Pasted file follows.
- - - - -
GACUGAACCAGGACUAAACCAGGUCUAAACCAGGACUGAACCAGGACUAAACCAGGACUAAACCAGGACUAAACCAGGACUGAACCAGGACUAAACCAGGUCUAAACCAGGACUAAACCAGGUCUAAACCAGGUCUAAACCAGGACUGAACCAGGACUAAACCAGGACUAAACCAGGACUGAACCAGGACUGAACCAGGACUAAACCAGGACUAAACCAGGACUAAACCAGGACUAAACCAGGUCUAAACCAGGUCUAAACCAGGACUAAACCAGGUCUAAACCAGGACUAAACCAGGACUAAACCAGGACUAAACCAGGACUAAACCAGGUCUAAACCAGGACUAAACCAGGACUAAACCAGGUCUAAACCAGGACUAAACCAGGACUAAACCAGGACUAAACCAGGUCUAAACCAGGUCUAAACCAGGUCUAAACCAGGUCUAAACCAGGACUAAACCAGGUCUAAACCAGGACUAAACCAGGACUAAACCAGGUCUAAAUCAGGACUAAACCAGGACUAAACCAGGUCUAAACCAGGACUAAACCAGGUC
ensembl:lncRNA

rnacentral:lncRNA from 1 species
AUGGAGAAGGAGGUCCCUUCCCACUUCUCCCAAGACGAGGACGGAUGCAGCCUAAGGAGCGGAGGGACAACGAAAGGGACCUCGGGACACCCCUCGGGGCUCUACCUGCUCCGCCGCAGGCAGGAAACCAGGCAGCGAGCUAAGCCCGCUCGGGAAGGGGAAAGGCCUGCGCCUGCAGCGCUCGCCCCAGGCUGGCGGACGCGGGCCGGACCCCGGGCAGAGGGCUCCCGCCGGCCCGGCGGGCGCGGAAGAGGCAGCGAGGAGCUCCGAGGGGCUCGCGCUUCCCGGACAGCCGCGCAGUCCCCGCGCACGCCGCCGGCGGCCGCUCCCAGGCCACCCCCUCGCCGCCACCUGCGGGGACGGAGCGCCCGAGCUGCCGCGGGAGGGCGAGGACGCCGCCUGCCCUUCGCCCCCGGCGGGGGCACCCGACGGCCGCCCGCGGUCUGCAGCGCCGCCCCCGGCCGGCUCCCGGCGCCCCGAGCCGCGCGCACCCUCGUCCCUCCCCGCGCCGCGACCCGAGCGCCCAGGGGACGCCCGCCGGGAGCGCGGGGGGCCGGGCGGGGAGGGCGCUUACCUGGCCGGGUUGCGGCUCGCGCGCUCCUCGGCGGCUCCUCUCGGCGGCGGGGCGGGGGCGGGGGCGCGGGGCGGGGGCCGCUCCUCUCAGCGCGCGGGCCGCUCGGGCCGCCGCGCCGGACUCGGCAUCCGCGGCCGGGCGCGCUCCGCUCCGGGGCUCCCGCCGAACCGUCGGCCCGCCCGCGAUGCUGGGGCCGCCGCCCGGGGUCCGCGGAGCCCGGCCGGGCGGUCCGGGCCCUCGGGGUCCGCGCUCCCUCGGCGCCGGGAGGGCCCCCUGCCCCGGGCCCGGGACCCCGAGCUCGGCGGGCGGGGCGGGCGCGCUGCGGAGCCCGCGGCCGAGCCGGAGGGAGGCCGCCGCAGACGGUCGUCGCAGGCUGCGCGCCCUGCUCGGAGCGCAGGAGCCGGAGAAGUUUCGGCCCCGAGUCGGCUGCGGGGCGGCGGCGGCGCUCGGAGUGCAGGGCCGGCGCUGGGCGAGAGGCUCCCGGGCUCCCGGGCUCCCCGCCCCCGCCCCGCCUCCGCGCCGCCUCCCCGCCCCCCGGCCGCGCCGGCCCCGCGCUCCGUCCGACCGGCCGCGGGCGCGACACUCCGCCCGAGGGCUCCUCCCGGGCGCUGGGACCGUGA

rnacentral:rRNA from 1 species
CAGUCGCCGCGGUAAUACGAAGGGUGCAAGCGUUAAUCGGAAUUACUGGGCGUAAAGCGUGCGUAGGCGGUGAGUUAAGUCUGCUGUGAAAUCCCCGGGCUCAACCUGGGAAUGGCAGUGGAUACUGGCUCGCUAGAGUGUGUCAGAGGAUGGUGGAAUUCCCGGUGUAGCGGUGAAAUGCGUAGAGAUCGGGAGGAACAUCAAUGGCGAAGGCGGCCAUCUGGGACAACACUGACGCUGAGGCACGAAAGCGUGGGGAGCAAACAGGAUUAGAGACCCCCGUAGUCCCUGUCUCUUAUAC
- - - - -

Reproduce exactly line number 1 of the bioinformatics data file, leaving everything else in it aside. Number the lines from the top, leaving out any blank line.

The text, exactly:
GACUGAACCAGGACUAAACCAGGUCUAAACCAGGACUGAACCAGGACUAAACCAGGACUAAACCAGGACUAAACCAGGACUGAACCAGGACUAAACCAGGUCUAAACCAGGACUAAACCAGGUCUAAACCAGGUCUAAACCAGGACUGAACCAGGACUAAACCAGGACUAAACCAGGACUGAACCAGGACUGAACCAGGACUAAACCAGGACUAAACCAGGACUAAACCAGGACUAAACCAGGUCUAAACCAGGUCUAAACCAGGACUAAACCAGGUCUAAACCAGGACUAAACCAGGACUAAACCAGGACUAAACCAGGACUAAACCAGGUCUAAACCAGGACUAAACCAGGACUAAACCAGGUCUAAACCAGGACUAAACCAGGACUAAACCAGGACUAAACCAGGUCUAAACCAGGUCUAAACCAGGUCUAAACCAGGUCUAAACCAGGACUAAACCAGGUCUAAACCAGGACUAAACCAGGACUAAACCAGGUCUAAAUCAGGACUAAACCAGGACUAAACCAGGUCUAAACCAGGACUAAACCAGGUC